1. The special funnel is available form Beemberboneyard.com for $35. Definitely worth getting for blushing the ABS units prior to about 7/2006 when BMW changed the design.
2. Go to speedbleeder.com and get the Speed Bleeder for each of the calipers, two in front and one in back. Change out the stock bleeder valves for Speed Bleeder and save yourself a lot of hassle in the future. Makes bleeding brakes a one man operation. Also get the Speed Bleeder bag which looks like an IV bag on the web site. It comes with a hose and the old fluid goes into the bag. No need for a hose and plastic coke bottle and worrying about the plastic coke bottle falling over spilling brake fluid all over the floor.
3. You can bleed the brakes with the calipers in place. One reason to remove the calipers and shim them with wood shims is the one you mention, that is when you change out the old pads for new (thicker) pads. The other reason I've heard is that by removing the calipers, pushing the pads in and shimming them, you are pushing out as much of the old fluid as possible which would otherwise remain in the caliper. Frankly, I flush the brakes once a year on my bikes so I leave them in place unless I am changing out pads. :bmw:
 

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Hi Richard,

I did not remove the calipers on my 99 when I flushed the brake sys. I did push the pistons back and tap in wooden wedges to keep the calipers from filling up. Seemed to work fine.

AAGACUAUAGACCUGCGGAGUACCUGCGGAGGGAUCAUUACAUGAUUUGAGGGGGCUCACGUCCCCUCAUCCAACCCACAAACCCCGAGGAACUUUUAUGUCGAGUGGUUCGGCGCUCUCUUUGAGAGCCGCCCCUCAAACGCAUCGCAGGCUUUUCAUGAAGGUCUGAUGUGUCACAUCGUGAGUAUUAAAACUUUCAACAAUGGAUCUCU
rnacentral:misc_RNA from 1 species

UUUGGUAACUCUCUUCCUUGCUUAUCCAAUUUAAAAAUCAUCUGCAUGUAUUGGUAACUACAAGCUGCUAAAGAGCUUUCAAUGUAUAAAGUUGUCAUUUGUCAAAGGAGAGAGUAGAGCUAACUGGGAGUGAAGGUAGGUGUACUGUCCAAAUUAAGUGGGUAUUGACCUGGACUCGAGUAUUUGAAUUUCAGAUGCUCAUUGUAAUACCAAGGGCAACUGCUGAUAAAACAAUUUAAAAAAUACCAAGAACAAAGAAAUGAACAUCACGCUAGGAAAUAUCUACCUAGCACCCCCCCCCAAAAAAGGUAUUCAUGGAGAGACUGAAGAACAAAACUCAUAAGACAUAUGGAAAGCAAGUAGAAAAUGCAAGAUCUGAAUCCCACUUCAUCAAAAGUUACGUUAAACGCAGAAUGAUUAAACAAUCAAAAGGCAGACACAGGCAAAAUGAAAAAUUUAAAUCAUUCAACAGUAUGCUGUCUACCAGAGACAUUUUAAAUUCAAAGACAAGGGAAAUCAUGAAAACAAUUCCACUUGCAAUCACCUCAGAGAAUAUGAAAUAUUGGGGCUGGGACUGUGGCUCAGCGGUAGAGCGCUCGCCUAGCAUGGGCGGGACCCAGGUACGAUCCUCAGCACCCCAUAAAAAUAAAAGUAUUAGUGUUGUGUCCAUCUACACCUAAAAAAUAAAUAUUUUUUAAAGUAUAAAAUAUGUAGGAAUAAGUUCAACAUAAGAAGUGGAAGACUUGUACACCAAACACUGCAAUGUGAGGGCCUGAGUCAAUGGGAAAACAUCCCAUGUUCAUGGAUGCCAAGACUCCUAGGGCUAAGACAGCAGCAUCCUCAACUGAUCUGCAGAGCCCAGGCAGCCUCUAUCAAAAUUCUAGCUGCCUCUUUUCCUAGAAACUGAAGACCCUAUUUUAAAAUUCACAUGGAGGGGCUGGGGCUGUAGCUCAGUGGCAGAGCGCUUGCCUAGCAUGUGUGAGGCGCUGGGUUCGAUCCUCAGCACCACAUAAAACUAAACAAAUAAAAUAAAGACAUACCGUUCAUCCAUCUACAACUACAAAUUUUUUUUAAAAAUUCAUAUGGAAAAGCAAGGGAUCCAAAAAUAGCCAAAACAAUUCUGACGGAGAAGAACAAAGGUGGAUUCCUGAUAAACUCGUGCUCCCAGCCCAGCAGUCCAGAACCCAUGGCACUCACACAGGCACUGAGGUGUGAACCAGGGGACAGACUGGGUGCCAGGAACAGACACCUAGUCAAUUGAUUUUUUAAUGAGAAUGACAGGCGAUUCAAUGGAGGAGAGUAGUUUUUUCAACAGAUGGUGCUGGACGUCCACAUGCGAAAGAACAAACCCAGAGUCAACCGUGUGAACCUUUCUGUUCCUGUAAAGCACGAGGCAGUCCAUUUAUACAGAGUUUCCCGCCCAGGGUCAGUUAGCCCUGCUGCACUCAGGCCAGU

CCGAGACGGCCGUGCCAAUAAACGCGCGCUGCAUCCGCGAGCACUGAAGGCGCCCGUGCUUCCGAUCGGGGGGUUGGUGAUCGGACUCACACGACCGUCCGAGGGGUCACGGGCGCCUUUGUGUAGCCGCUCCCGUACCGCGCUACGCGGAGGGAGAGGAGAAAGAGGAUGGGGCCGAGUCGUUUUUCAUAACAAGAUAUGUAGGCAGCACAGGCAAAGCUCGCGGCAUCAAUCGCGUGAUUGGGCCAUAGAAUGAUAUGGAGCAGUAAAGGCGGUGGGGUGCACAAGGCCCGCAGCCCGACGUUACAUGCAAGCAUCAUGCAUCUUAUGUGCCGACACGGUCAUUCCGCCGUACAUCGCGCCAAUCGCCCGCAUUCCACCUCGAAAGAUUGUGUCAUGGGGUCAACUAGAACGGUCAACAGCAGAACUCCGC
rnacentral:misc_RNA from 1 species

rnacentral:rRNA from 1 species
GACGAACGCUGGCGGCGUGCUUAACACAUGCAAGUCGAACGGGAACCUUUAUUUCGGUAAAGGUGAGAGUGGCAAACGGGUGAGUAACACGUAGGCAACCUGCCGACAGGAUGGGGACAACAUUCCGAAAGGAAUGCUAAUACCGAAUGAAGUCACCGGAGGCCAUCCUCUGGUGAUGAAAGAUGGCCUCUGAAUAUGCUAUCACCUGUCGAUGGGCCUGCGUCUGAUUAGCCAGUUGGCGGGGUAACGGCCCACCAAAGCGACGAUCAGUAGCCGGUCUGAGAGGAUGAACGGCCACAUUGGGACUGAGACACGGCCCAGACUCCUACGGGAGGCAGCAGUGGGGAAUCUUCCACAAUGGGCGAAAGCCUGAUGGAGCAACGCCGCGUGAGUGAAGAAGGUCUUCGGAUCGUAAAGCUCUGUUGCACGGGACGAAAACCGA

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Discussion Starter #6 (Edited)
The Beemberboneyard fill funnel looks exactly like the design by Hager and Gilman.
http://users.rcn.com/dehager/service/abs3_filling_adapter.pdf
I didn't know it could be reasonably purchased or I might have gone that way. Still, adding the fill nipples works beautifully and cost nothing (or just a few dollars if you don't have a lot of parts about).

Loren, the wheel circuit reservoirs on my model (2008) are definitely vented as shown in the attached drawing. The vent tube is small and long so there is probably not too much water vapor sucking in. Since there is no room for an expansion bladder, I guess it has to be that way. But, it's another good reason to change the fluid annually.

I took a few notes as I worked to make my next year's brake bleed a little easier. They are brief and no substitute for reading and understanding a detailed procedure, but gives a quick check list of the necessary steps. If any one see an error or something really unclear, please let me know and I'll fix it. 2 formats of the same document.
 

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Wrencher Extraordinaire
2005 K1200LT
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Richard,


Well done. You can just use the F3 and R3 ports for a flush of the control circuit as per BMW bulletin a few years back. You still need to do all three ports for a bleed. I have found very little contaminated fluid in the other two ports anyway so it is almost not worth it.

I am still having a hard time visualizing what you did with the 1/8 nipples. Any photos?
 

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Discussion Starter #8 (Edited)
John
Thanks for the input. I revised the one page flushing outline and have attached it below. I wanted to replace the old one in my post above to avoid confusion, but I don't know how.

I also moved my cap modifcation to a separate drawing. The cap modification isn't necessary to using the flushing outline, but it sure works well.

Here's a link to cheap brass fittings. http://www.discounthydraulichose.com/Brass_Hose_Barbs_s/96.htm